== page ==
Which is probably the hardest part as the payer (your former partner) must reasonable be able to pay the spousal maintenance. If they cannot afford to meet your needs then spousal maintenance will not be awarded.

So if you meet those requirements you will be eligible for spousal maintenance whether you have a child or not. However, having full time care of a child can usually be the reason as to why you have a need for spousal maintenance.

Who determines how much spousal maintenance is paid and by who?

You and your former partner can determine how much spousal maintenance is paid and by who between the two of you. All you need to do is reach an agreement and formalise it. 

If you and your former can't reach an agreement about spousal maintenance the court will determine how much is paid and by who. 

In these circumstances, the party seeking spousal maintenance will have to make an application to the court for spousal maintenance. Once the application is made the court will look at the pre-separation standard of living to determine whether the needs you are claiming are reasonable. The court will also assess whether or not the payer is reasonably able to pay the spousal maintenance. After doing so, they will make orders regarding the amount of maintenance to be paid, when it is to be paid and to whom.

Is there any way to NOT pay spousal maintenance?

As mentioned earlier if the applicant does not meet the requirements of the two step test you will not have to pay spousal maintenance. Unlike child support, spousal maintenance isn't an automatic entitlement. 

Also, if you and your former partner agree that no spousal maintenance should be paid and this is state in a private binding financial agreement, then you won't be liable to pay spousal maintenance.

How long does spousal maintenance last?

Spousal maintenance usually has an end date. It may be paid for a specific period of time (e.g. one year). It may be paid until the property settlement is finalised or until that spouse retains themselves. It could even be until the children reach school age and they can return to a full time job. But usually there is an end date, however it is not unheard of that spousal maintenance is awarded on an indefinite basis.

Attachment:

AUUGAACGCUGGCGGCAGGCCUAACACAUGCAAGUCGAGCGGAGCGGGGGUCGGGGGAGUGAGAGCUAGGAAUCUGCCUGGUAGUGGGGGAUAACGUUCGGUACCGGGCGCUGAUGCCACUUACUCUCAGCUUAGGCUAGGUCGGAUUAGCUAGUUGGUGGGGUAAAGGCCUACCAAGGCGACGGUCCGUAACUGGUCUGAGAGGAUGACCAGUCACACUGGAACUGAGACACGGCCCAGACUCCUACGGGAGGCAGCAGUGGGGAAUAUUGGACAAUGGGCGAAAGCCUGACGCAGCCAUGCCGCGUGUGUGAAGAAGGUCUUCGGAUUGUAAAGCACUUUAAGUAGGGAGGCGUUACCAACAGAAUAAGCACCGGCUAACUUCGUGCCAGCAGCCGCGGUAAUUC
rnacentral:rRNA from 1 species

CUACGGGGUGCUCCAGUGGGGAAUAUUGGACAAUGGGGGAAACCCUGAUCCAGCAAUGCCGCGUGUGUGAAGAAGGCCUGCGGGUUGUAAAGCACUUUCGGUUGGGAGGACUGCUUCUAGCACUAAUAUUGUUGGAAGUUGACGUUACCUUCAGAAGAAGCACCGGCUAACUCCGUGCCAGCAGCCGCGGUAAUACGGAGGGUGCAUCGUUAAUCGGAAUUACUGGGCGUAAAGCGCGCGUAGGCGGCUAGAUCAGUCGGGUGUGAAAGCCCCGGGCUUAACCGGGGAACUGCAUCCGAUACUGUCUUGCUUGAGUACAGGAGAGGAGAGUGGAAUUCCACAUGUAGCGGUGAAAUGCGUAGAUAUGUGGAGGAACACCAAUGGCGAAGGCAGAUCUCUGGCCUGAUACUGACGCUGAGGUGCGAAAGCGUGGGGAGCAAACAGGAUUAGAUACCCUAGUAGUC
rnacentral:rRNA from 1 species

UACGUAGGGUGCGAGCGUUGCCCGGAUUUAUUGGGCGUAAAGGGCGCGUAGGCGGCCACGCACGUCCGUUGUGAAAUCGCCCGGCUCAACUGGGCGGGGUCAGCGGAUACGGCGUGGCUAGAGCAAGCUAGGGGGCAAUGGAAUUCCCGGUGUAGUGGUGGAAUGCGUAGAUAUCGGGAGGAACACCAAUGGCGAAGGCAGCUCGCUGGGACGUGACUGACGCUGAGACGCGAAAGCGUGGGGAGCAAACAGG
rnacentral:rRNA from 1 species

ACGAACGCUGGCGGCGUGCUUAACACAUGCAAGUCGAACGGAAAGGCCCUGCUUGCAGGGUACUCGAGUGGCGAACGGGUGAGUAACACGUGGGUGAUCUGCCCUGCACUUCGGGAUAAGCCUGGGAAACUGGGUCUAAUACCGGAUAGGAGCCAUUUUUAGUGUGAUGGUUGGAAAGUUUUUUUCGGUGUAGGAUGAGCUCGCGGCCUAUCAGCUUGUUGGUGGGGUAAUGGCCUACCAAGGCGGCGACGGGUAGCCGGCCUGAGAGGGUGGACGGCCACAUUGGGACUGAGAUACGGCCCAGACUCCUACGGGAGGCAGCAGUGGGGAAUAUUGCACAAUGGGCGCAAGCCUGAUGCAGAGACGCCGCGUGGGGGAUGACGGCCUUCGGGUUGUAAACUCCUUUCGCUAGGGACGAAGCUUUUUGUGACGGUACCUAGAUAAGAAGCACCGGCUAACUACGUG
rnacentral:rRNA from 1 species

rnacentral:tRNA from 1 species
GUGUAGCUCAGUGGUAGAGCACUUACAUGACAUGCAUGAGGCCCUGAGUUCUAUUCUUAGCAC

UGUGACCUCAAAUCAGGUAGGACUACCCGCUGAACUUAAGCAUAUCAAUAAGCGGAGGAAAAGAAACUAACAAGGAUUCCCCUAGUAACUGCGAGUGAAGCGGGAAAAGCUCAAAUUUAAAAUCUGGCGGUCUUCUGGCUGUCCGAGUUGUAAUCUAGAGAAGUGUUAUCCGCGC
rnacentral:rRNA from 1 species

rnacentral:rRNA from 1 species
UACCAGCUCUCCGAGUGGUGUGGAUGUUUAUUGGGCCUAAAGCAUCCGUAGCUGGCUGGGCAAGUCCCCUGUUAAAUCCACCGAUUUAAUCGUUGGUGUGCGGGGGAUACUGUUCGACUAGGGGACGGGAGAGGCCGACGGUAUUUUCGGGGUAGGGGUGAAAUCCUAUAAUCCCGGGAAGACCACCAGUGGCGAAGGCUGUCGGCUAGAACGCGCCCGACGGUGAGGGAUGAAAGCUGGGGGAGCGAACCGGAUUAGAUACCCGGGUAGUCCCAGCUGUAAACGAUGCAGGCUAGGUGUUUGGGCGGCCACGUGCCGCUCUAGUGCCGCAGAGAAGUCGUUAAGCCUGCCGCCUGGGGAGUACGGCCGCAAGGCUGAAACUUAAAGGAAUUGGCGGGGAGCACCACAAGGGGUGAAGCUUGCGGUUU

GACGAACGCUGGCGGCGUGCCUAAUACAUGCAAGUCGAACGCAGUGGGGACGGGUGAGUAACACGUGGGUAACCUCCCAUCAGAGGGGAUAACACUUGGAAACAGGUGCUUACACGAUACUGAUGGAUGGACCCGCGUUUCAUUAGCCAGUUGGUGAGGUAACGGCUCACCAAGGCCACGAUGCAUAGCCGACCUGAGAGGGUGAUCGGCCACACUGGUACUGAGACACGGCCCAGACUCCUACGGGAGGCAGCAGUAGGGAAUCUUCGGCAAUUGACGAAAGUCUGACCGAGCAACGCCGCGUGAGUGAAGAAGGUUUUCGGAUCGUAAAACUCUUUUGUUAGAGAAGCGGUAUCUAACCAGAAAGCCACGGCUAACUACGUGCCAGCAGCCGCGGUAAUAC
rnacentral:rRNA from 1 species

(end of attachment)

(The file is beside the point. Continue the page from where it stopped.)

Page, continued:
The key differences:

  • Child support is for the child / children's needs. Spousal maintenance is for a spouse/ de facto partner's needs.
  • Child support is determined by a child support agency. Spousal maintenance is determined by the court. However, both can be determined privately by both parties who agree on an arrangement.
  • How much child support is paid and by who is based more so on how much money the child is going to need and whether one of the parties can pay for it. Spousal maintenance, on the other hand is more so based on the history of the relationship and what is going to be required in terms of a financial exchange to keep both parties moving forward.
  • Child support is usually automatically awarded unless you are both in agreement it should not be paid (and this is finalised). Spousal maintenance is not automatic as you are required to meet eligibility criteria before it is granted.
  • In most cases both child support and spousal maintenance have end dates. However, child support usually lasts until the child is 18. Spousal maintenance usually only lasts until the receiver is capable to gain adequate employment or support their needs themselves. 

If you have any questions regarding spousal maintenance or child support feel free to call us on 1300 767 384. Alternatively, book in for a free phone appointment below for your own free, step-by-step plan. It's created by a qualified lawyer and it's fully tailored to your situation. 

Want a free tailored, step-by-step plan to help you with your separation?

Created by a qualified lawyer with no obligations.